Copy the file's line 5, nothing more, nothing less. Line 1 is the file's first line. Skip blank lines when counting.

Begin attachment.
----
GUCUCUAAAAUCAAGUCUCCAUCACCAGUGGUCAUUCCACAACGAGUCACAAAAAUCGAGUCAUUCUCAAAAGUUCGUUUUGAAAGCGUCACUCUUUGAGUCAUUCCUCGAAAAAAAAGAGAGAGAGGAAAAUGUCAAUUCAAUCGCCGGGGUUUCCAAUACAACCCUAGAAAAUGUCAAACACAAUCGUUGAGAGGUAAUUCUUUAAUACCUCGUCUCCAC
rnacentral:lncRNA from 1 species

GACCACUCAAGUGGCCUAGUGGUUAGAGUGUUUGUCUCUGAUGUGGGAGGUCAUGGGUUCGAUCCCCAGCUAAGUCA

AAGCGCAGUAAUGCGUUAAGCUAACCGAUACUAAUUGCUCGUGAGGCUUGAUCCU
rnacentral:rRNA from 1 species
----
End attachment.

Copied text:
rnacentral:rRNA from 1 species